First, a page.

Miscegenation Law and the Politics of Mixed-Race Illegitimate Children in the Turn-of-the-Century United States
Saturday, January 7, 2017: 8:50 AM
Centennial Ballroom B (Hyatt Regency Denver)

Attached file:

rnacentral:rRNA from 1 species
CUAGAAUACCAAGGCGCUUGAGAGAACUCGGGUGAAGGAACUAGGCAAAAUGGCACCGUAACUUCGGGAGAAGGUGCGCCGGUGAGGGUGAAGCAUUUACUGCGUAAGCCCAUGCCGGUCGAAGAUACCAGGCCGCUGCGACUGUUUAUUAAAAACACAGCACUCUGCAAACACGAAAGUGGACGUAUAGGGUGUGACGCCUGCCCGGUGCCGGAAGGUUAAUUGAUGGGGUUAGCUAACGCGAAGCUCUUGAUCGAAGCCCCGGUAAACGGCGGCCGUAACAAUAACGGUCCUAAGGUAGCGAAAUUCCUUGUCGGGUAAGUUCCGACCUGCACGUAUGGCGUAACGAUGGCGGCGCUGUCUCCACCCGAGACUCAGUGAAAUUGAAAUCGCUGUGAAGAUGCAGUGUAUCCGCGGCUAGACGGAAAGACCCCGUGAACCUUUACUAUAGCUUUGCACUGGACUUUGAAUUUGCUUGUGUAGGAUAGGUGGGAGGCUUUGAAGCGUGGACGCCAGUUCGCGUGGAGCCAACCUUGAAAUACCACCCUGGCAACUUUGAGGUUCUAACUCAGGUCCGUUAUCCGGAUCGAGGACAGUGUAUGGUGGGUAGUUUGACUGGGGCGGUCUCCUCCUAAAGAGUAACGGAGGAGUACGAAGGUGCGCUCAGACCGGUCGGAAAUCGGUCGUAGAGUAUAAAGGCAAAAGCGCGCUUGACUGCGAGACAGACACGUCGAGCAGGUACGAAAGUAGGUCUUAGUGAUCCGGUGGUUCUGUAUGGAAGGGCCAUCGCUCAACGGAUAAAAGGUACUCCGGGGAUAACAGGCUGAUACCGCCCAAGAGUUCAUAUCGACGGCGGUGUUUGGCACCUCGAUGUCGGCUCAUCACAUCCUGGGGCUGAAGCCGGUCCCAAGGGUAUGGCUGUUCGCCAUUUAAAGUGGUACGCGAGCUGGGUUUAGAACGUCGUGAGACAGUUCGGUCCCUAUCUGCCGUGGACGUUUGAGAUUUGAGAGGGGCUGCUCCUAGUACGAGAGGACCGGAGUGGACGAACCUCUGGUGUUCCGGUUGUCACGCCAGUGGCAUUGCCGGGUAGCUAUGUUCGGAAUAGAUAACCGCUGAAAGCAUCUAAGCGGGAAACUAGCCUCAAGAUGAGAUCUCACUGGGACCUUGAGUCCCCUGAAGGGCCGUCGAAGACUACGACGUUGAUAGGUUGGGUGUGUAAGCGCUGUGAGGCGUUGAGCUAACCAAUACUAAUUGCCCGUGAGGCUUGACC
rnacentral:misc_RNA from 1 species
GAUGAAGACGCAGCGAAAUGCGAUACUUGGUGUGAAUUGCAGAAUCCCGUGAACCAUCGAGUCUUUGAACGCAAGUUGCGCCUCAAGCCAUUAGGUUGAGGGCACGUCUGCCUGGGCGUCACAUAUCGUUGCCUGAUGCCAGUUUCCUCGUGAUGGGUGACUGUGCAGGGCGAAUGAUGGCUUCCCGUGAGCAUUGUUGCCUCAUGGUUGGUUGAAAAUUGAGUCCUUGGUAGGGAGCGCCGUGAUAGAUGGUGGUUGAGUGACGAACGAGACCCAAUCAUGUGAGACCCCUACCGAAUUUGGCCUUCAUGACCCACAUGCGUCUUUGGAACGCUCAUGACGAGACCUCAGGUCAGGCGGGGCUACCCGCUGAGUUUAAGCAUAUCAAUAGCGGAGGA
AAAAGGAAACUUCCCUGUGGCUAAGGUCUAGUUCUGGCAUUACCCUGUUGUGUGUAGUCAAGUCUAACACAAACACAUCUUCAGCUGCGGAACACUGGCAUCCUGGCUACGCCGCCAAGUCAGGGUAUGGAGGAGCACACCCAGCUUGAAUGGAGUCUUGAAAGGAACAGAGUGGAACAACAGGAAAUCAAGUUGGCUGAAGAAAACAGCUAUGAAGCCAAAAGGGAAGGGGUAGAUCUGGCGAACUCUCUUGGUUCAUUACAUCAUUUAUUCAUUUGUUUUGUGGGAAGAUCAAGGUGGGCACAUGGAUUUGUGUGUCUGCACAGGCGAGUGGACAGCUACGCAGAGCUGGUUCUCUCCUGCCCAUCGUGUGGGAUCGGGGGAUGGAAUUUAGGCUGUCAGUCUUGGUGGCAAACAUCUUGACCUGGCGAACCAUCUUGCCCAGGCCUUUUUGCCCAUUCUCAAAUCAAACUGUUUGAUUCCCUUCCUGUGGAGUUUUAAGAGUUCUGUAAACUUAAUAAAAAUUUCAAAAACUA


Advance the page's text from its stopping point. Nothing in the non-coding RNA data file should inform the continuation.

At the close of the nineteenth century some African American activists engaged in the politics of racial uplift focused on what they perceived as a rash of illegitimate black children across the United States. Such children, studies found, were more likely to be impoverished because few had legal claims upon their fathers for support and because they also were denied the rights of inheritance. While some activists blamed working-class blacks for loose morals and eschewing legal marriage, others focused on the long history of interracial sex and rape that continued to produce mixed-race children in the United States, many of them the products of sex between white men and black women. This paper focuses on these activists, particularly the way they targeted anti-miscegenation law in states where it existed and protested against it in those where legislatures proposed such measures. While many of these activists opposed such law on the basis of its obvious racial prejudice, others invoked the fate of the mixed-race children that they believed would inevitably be produced by sex that could never be legitimated through matrimony. I argue that the mixed-race bastard child in this discourse was more than just a rhetorical trope, but also represented a pressing social issue in its own right as increasing numbers of such children were born. Anti-miscegenation law was, these activists realized, a tool for the perpetuation of African American poverty in the form of a generation of legally fatherless black children.